Students anticipate November election with skepticism

SARAH KOCHER

sakocher12@ole.augie.edu

Politicians can talk until they are red, white and blue in the face, but according to Augustana freshmen, that isn’t going to cut it this year.

As the country gears up for another presidential election, new voters are not necessarily gearing up right along with them.

This trend may prove a problem for both parties in the 2012 election. With both sides seeking as many votes as possible, government professor Joel Johnson said young voters are crucial “if they turn out in numbers like they did the last time.”

But will they?

Many freshmen are disenchanted with this election already. The campaigning, the debates, the back-and-forth, the “mudslinging,” said freshman Keegan Carda.

Freshman Jordan Lindberg said that campaigning causes interpersonal problems. “I don’t like the issues it creates and the division of people,” he said.

Lindberg is not alone. In fact, several Augustana students cited a shift towards more intense partisanship as a reason that politics do not entice them to participate. So much so, that some students feel inclined not to participate at all.

This is the case with freshman Mallory Edwards, who is not registered to vote.

“I just didn’t take the time to do it,” she said. She’s not alone, either. According to Project Vote, a program dedicated to reporting on voter participation, only 49 percent of the 3.7 million 18-year-olds in America actually bothered to register to vote in the 2008 presidential election.

Johnson said that young voters are somewhat less likely to show up for the 2012 election. The 2008 election is history. “Young voters now are a little bit more skeptical than they were the last time around,” Johnson said.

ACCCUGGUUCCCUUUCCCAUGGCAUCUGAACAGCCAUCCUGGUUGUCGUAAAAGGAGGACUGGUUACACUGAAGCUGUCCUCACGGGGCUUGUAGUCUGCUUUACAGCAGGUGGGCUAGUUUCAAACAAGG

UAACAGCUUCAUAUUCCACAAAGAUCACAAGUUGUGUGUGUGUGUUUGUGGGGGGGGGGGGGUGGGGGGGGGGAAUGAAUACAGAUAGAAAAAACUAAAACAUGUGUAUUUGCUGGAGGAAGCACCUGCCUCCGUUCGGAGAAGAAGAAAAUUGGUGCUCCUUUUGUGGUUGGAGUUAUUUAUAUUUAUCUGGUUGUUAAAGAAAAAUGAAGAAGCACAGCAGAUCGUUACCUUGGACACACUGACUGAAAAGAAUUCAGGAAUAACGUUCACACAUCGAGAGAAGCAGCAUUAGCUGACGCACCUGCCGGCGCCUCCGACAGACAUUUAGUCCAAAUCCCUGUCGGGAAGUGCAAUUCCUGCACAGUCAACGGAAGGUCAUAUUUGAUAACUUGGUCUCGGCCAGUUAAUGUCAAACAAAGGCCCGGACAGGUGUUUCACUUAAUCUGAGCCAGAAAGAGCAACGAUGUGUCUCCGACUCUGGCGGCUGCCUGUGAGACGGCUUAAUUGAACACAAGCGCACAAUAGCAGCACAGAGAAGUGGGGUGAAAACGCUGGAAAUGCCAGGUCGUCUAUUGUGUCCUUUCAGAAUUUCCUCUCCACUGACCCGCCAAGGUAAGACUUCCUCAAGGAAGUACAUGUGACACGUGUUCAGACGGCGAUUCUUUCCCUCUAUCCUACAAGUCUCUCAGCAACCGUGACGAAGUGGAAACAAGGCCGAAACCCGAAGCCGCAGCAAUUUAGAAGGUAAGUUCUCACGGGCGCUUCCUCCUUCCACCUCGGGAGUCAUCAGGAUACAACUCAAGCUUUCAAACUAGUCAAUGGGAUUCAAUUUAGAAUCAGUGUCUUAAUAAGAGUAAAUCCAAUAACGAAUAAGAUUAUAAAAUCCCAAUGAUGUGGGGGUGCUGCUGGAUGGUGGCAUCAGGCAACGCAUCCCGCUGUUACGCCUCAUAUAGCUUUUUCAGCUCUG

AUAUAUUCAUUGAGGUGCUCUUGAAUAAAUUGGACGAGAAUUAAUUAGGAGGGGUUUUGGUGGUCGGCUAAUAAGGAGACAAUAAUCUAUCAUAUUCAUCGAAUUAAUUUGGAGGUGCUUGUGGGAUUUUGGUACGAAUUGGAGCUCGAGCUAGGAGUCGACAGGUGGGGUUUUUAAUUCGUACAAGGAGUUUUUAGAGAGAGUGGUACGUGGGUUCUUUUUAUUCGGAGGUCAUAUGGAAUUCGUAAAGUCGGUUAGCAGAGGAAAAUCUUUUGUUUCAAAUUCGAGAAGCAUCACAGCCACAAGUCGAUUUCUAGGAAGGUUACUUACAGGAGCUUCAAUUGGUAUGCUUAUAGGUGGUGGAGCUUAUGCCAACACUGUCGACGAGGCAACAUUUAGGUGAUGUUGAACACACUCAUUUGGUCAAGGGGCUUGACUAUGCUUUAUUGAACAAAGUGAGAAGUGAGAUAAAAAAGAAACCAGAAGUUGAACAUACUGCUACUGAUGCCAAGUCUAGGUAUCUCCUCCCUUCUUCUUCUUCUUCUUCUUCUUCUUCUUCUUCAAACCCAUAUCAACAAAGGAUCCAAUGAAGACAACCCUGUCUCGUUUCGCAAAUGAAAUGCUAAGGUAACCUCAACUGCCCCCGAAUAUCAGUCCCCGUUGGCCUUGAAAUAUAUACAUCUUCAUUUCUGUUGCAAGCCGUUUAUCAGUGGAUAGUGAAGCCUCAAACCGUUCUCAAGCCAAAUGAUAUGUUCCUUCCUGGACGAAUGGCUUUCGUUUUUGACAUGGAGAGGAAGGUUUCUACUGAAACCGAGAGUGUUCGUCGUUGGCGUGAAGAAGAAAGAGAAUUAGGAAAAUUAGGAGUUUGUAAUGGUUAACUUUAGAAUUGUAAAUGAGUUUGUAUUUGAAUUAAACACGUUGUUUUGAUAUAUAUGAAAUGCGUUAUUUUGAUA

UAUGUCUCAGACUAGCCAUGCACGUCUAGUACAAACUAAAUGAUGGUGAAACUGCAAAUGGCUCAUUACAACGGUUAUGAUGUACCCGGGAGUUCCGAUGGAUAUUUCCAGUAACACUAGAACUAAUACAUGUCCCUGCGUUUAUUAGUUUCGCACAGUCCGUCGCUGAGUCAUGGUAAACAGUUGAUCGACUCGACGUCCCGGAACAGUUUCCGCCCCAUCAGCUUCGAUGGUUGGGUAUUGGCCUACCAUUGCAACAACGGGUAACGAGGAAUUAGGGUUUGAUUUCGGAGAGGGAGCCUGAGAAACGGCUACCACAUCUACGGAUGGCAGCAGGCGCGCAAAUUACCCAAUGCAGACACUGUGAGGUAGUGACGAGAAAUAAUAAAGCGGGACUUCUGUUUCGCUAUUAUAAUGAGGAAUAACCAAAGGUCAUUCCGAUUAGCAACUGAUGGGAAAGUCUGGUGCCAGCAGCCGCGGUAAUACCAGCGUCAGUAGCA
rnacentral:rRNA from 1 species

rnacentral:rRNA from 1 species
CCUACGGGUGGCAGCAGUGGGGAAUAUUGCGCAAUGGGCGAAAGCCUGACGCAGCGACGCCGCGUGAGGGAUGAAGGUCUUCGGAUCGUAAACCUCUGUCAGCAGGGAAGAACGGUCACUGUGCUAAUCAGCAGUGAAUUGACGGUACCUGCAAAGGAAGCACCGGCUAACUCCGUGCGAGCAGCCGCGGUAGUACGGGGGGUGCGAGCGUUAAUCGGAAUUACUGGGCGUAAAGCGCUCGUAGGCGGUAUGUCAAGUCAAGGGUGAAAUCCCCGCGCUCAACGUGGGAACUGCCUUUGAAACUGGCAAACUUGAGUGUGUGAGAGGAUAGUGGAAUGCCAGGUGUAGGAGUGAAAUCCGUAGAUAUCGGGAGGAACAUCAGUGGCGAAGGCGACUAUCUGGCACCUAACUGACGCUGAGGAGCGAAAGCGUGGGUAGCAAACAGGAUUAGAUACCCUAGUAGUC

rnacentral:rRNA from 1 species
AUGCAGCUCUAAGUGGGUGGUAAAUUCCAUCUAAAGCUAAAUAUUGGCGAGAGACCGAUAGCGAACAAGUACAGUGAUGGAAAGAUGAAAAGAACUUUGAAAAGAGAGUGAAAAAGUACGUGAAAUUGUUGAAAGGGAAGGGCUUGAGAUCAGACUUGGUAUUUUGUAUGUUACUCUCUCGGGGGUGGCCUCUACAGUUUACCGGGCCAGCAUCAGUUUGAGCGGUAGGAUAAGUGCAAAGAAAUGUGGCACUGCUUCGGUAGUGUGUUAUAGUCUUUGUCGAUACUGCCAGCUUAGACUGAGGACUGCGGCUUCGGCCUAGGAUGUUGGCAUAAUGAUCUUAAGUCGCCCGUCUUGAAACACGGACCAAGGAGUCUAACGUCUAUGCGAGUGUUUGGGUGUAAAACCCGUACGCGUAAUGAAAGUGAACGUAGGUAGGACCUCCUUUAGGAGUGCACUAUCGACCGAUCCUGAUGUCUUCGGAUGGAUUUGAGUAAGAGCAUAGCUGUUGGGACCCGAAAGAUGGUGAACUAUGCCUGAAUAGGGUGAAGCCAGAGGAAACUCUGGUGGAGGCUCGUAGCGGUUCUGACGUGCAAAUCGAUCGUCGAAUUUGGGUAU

However, Johnson does acknowledge that those who do not vote are not necessarily apathetic citizens. “Young people are becoming increasingly concerned,” he said. “They care about the outcome. They may not be sure who to vote for, but they see that it is important.”

This rising political awareness is showcased in the underclassmen membership rates of the Augustana political clubs.

According to Scott Hofer, a representative for Augustana Democrats, membership this year is up slightly, with 45 freshmen and a few upperclassmen joining the club. Hofer attributes this increase in membership to the upcoming election.

The Augustana Republicans are smaller in number, with six new freshmen, which club representative Jesse Fonkert said is above average compared to the past. Upperclassmen, however, are showing up in bigger numbers than before, he said.

These youth know who they’re voting for. Freshmen outside of Augustana’s political clubs have decided, too.

Anna Tims, a freshman, is one such person. Who is she voting for? “Romney,” she said. “I just think the big thing is the budget to me, and the Obama administration hasn’t fixed it… we need to get some new ideas.”

Tims recognizes that the Vice Presidential candidate Paul Ryan is a budget man, and believes electing a Republican would be “a step in the right direction.”

Freshman Ashley Schurr disagrees. Obama, Schurr said, has good ideas. “And from what I hear, the other guy’s not very smart,” she said.

Tims and Schurr agree on one thing however: the budget needs fixing, now. “They need to figure out how to pay for all this debt we’re in, or our generation will be screwed,” Schurr said. In regards to voting, they agree that no matter which candidate students support, voting is important.

Freshman Will Reynolds agrees.

“If things are going to go in the direction we want them to go in this country, everybody needs to have a say,” he said.

“I’m really hopeful for how things turn out. Or scared.” But no matter what, Reynolds said, “I just hope whoever wins has the best interests of the country at the forefront of their mind.”